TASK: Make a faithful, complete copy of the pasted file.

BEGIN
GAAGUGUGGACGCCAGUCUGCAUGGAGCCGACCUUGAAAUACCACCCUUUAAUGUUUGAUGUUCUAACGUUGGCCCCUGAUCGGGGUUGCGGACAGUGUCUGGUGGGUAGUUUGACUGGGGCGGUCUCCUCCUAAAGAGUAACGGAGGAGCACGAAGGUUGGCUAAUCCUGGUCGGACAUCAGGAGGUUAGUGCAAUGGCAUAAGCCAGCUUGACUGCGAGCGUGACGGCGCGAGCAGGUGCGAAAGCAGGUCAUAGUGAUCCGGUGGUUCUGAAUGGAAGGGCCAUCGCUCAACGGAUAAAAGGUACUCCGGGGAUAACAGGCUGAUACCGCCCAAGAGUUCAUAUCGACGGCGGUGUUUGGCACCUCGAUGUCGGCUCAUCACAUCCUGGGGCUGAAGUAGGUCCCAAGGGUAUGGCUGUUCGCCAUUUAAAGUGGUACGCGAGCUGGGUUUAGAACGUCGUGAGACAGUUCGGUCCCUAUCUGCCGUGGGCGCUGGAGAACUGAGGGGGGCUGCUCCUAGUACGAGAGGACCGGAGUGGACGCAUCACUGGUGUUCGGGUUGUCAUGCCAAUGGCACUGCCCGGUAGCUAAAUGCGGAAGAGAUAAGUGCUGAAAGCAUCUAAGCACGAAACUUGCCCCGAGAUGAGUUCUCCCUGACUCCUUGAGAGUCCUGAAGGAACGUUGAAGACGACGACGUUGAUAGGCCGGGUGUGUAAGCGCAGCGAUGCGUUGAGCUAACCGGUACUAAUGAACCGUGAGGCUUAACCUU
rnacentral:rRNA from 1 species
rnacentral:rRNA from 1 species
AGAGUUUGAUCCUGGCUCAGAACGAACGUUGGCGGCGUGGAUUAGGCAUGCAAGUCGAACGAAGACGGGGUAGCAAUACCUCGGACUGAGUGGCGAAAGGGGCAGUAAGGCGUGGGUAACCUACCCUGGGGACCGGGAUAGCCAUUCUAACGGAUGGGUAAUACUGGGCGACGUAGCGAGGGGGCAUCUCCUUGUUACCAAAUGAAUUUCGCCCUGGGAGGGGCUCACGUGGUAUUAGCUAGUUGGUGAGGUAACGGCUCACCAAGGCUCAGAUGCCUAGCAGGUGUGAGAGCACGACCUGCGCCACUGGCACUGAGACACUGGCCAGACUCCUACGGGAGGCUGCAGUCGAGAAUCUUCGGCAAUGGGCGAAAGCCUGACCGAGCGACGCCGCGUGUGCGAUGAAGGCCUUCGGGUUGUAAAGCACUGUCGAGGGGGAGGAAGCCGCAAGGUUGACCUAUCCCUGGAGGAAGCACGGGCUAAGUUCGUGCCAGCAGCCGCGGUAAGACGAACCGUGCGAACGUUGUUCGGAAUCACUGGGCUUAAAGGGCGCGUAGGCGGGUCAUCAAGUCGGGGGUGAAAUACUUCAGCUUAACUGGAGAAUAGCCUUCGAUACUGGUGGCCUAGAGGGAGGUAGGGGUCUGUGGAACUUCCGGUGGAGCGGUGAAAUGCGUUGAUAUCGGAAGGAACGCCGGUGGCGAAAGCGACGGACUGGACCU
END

GAAGUGUGGACGCCAGUCUGCAUGGAGCCGACCUUGAAAUACCACCCUUUAAUGUUUGAUGUUCUAACGUUGGCCCCUGAUCGGGGUUGCGGACAGUGUCUGGUGGGUAGUUUGACUGGGGCGGUCUCCUCCUAAAGAGUAACGGAGGAGCACGAAGGUUGGCUAAUCCUGGUCGGACAUCAGGAGGUUAGUGCAAUGGCAUAAGCCAGCUUGACUGCGAGCGUGACGGCGCGAGCAGGUGCGAAAGCAGGUCAUAGUGAUCCGGUGGUUCUGAAUGGAAGGGCCAUCGCUCAACGGAUAAAAGGUACUCCGGGGAUAACAGGCUGAUACCGCCCAAGAGUUCAUAUCGACGGCGGUGUUUGGCACCUCGAUGUCGGCUCAUCACAUCCUGGGGCUGAAGUAGGUCCCAAGGGUAUGGCUGUUCGCCAUUUAAAGUGGUACGCGAGCUGGGUUUAGAACGUCGUGAGACAGUUCGGUCCCUAUCUGCCGUGGGCGCUGGAGAACUGAGGGGGGCUGCUCCUAGUACGAGAGGACCGGAGUGGACGCAUCACUGGUGUUCGGGUUGUCAUGCCAAUGGCACUGCCCGGUAGCUAAAUGCGGAAGAGAUAAGUGCUGAAAGCAUCUAAGCACGAAACUUGCCCCGAGAUGAGUUCUCCCUGACUCCUUGAGAGUCCUGAAGGAACGUUGAAGACGACGACGUUGAUAGGCCGGGUGUGUAAGCGCAGCGAUGCGUUGAGCUAACCGGUACUAAUGAACCGUGAGGCUUAACCUU
rnacentral:rRNA from 1 species
rnacentral:rRNA from 1 species
AGAGUUUGAUCCUGGCUCAGAACGAACGUUGGCGGCGUGGAUUAGGCAUGCAAGUCGAACGAAGACGGGGUAGCAAUACCUCGGACUGAGUGGCGAAAGGGGCAGUAAGGCGUGGGUAACCUACCCUGGGGACCGGGAUAGCCAUUCUAACGGAUGGGUAAUACUGGGCGACGUAGCGAGGGGGCAUCUCCUUGUUACCAAAUGAAUUUCGCCCUGGGAGGGGCUCACGUGGUAUUAGCUAGUUGGUGAGGUAACGGCUCACCAAGGCUCAGAUGCCUAGCAGGUGUGAGAGCACGACCUGCGCCACUGGCACUGAGACACUGGCCAGACUCCUACGGGAGGCUGCAGUCGAGAAUCUUCGGCAAUGGGCGAAAGCCUGACCGAGCGACGCCGCGUGUGCGAUGAAGGCCUUCGGGUUGUAAAGCACUGUCGAGGGGGAGGAAGCCGCAAGGUUGACCUAUCCCUGGAGGAAGCACGGGCUAAGUUCGUGCCAGCAGCCGCGGUAAGACGAACCGUGCGAACGUUGUUCGGAAUCACUGGGCUUAAAGGGCGCGUAGGCGGGUCAUCAAGUCGGGGGUGAAAUACUUCAGCUUAACUGGAGAAUAGCCUUCGAUACUGGUGGCCUAGAGGGAGGUAGGGGUCUGUGGAACUUCCGGUGGAGCGGUGAAAUGCGUUGAUAUCGGAAGGAACGCCGGUGGCGAAAGCGACGGACUGGACCU